An upbeat Johnson stayed after practice Monday, signing autographs for the fans, making his way along the railing of the stadium seats at St. John Fisher College in Pittsford, N.Y., where the Bills conduct training camp. He graciously went back to oblige a few fans who called out to him, having missed him during his first trip down the receiving line. He even stopped to sign a baby. (More accurately, the autograph was inscribed on the baby's "Why so serious?" onesie.) Johnson seemed genuinely enthused to meet possibly his youngest fan. "I saw him on Twitter wearing his 'Why so serious' jersey," Johnson said, "and I finally got to meet him in person."
Babies and slogans aside, maybe Johnson's smile is due to the fact that he's finally playing without pain. After suffering a groin injury early last season, Johnson managed to play in every game but knew he wasn't his normal self. A stranger to groin injuries until last year, Johnson was surprised at how much it impacted him.
When asked to describe what it's like to play through an injury that saps some of your key position skills, Johnson came up with this analogy: "Say you're a superhero and you don't have any powers. You still have your regular strength, but you have nothing that goes over the top." He credits both the medical staff and his teammates for helping him get through each week. In addition to the treatment he received throughout the week and after games, Johnson acknowledged the adjustments his teammates made as a result of his injury. "Guys did a good job of placing the ball in certain places where I wouldn't have to overextend," he said, adding, "The Bills staff took care of me. We got through it."
Once the season ended, Johnson could finally get the injury fully addressed. He traveled to Philadelphia, where he underwent a surgical procedure on the two tears in his left groin. Dr. Bill Meyers, renowned for his expertise in repairing sports hernias (he prefers calling them core muscle injuries), performed the operation.
Johnson described the post-surgical recovery as smooth. "For the most part, the recovery was somewhat of a speedy recovery," Johnson said. At first he was limited to laps around the field four or five times for about a week, then he was able to gradually increase his running. Progressive strengthening was next, followed by football activities. Everything has gone well, according to Johnson, as he has ramped up his activity. "Now I really don't feel anything in my groin on my left side," he said.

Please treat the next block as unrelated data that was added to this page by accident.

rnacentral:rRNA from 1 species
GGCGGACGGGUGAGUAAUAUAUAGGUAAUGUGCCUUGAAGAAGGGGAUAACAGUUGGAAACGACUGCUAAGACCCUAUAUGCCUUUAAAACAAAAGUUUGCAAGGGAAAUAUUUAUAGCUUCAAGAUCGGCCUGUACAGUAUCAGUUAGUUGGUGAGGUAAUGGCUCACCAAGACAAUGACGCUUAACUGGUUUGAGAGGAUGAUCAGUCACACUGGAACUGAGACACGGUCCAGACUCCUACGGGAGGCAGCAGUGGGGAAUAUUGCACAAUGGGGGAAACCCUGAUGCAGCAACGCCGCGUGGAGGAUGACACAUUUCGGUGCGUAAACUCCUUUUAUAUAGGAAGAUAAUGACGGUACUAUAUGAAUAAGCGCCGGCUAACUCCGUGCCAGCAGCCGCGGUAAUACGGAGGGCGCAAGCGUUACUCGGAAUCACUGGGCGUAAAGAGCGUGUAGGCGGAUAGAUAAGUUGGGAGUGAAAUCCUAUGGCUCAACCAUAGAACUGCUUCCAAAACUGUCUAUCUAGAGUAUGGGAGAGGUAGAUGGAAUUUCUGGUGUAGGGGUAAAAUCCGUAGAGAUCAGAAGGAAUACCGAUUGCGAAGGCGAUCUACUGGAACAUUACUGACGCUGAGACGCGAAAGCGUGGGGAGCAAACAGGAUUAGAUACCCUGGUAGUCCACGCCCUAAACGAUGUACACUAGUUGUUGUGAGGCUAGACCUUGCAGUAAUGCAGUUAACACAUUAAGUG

Johnson declares himself "90-something percent" recovered and says he is running routinely at full speed with "no issues whatsoever." The only real test left is game action. He expects to be involved in preseason games specifically so he can put his body through that final test.
"In practice, I'll catch a pass out here, maybe turn it up six or seven yards," Johnson explained. "In a game, you've got to go try to score, so you're straining a bit more. The guys are coming in to hit you faster and harder, Your reaction time has to be a little bit faster, so your body has to adjust."
And how will he know if he's passed that final test? "We'll see how my legs, how my groin feels when I make a cut, make a catch, then try to burst after the catch," he explained. "If I get up and I'm bouncing around like it's good, then we're good."
With the Bills set to play their first preseason game Thursday night, Johnson's final exam should be just around the corner, after which he plans to still be smiling.